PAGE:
The gaseous shell RCW 86 is probably the supernova remnant of this event and has a relatively large angular size of roughly 45 arc minutes (larger than the apparent size of the full moon, which varies from 29 to 34 arc minutes). The distance to RCW 86 is estimated to be 2,800 parsecs (9,100 light-years). Recent X-ray studies show a good match for the expected age.
Infrared observations from NASA's Spitzer Space Telescope and Wide-field Infrared Survey Explorer (WISE) reveal how the supernova occurred and how its shattered remains ultimately spread out to great distances. The findings show that the stellar explosion took place in a hollowed-out cavity, allowing material expelled by the star to travel much faster and farther than it would have otherwise.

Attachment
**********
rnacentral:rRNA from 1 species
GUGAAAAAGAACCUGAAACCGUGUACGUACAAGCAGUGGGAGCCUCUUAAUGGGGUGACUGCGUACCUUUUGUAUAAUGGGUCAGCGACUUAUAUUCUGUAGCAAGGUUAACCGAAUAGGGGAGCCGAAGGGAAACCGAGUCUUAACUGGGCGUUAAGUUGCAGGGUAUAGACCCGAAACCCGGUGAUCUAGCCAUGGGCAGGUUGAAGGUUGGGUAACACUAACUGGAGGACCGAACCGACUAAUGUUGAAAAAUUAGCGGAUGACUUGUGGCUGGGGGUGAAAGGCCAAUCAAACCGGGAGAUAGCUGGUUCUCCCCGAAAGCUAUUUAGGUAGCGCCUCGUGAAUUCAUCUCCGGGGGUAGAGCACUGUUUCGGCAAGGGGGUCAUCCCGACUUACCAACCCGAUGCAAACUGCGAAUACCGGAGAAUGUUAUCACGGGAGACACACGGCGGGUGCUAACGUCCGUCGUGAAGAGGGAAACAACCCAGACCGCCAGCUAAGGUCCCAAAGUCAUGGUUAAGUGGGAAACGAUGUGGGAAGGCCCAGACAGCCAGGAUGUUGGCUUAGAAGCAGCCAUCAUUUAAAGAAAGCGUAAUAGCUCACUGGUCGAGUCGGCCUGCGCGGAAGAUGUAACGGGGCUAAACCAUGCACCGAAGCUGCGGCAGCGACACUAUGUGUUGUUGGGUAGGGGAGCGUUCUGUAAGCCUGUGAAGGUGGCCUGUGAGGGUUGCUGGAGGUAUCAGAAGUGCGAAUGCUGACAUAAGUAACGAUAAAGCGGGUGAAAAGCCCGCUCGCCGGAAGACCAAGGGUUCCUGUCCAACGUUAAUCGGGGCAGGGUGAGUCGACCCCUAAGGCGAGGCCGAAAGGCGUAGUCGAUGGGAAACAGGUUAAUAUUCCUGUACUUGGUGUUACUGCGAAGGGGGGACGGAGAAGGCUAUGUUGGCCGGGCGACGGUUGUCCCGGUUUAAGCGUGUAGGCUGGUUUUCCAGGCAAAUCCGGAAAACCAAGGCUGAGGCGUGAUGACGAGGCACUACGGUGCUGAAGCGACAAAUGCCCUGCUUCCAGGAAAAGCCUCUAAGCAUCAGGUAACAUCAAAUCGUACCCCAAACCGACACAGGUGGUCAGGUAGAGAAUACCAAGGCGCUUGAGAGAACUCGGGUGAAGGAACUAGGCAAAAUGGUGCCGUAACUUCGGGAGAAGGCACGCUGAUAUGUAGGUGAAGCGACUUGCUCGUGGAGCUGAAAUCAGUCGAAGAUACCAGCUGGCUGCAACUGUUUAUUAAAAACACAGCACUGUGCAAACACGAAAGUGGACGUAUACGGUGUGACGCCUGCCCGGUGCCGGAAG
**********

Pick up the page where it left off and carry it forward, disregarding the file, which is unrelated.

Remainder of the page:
Differing modern interpretations of the Chinese records of the guest star have led to quite different suggestions for the astronomical mechanism behind the event, from a core-collapse supernova to a distant, slow-moving comet – with correspondingly wide-ranging estimates of its apparent visual magnitude (−8 to +4). The recent Chandra results suggest that it was most likely a Type Ia supernova (a type with consistent absolute magnitude), and therefore similar to Tycho's Supernova (SN 1572), which had apparent magnitude −4 at a similar distance.